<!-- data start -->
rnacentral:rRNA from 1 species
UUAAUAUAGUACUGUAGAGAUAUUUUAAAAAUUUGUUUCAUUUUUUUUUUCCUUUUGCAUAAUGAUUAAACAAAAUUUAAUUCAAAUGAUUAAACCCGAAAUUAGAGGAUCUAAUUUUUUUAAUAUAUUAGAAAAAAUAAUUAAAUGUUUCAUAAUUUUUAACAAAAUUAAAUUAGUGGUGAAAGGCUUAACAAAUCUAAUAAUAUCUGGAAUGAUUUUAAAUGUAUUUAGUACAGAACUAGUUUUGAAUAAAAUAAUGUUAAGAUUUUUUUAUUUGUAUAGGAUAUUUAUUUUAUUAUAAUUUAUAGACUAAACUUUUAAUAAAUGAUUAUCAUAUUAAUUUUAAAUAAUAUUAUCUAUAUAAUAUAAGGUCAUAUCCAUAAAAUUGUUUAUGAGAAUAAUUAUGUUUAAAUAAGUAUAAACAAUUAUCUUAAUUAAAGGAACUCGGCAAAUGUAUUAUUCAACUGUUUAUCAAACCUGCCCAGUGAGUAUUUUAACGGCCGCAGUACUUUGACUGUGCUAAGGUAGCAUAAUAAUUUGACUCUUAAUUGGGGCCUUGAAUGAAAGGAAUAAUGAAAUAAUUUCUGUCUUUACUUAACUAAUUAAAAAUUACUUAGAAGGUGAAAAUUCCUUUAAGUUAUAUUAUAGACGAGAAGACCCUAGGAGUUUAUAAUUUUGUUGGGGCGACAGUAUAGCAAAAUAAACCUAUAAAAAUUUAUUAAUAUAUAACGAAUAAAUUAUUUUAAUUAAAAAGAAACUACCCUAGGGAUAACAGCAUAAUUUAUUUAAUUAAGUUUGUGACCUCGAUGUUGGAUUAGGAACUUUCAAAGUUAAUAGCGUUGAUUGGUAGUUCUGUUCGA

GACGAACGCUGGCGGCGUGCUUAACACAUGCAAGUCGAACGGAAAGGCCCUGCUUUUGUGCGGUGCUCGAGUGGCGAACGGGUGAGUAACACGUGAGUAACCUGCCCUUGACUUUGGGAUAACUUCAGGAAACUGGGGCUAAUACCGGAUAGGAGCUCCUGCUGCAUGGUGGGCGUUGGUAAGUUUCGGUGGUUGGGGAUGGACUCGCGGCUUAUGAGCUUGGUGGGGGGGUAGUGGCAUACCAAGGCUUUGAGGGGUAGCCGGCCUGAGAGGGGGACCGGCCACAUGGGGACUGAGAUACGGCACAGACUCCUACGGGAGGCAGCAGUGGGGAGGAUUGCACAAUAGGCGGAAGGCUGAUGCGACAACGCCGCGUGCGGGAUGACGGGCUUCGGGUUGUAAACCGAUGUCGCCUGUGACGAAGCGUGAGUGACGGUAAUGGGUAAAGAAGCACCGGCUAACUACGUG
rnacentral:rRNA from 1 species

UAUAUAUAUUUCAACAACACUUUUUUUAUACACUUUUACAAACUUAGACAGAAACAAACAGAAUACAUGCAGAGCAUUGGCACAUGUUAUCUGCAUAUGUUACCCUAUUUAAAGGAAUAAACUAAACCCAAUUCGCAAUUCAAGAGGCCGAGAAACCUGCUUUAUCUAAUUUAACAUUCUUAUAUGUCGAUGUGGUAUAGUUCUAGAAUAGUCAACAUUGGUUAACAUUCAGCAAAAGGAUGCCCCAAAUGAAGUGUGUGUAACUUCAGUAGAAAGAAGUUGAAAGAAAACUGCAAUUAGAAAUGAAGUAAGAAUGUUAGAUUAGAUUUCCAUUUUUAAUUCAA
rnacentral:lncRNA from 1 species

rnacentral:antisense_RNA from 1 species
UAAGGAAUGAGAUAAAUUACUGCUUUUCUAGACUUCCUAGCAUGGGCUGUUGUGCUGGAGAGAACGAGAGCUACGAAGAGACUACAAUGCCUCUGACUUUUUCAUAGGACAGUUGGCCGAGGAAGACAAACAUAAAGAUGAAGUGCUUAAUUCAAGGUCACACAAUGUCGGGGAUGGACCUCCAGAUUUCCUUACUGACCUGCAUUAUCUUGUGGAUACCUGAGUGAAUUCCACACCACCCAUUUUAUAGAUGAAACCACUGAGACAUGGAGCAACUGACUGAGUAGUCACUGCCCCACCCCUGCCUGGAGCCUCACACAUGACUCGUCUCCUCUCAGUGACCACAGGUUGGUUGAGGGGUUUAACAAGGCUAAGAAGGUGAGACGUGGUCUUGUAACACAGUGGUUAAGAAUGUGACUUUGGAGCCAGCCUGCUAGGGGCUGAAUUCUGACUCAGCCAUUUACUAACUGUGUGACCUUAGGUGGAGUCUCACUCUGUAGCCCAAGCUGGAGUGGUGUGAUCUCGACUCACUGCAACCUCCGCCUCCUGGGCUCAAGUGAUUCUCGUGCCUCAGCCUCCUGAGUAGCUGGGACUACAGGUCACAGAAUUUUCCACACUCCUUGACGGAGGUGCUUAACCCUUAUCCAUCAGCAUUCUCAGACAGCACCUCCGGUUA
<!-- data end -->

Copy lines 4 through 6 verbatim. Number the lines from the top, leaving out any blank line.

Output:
rnacentral:rRNA from 1 species

UAUAUAUAUUUCAACAACACUUUUUUUAUACACUUUUACAAACUUAGACAGAAACAAACAGAAUACAUGCAGAGCAUUGGCACAUGUUAUCUGCAUAUGUUACCCUAUUUAAAGGAAUAAACUAAACCCAAUUCGCAAUUCAAGAGGCCGAGAAACCUGCUUUAUCUAAUUUAACAUUCUUAUAUGUCGAUGUGGUAUAGUUCUAGAAUAGUCAACAUUGGUUAACAUUCAGCAAAAGGAUGCCCCAAAUGAAGUGUGUGUAACUUCAGUAGAAAGAAGUUGAAAGAAAACUGCAAUUAGAAAUGAAGUAAGAAUGUUAGAUUAGAUUUCCAUUUUUAAUUCAA
rnacentral:lncRNA from 1 species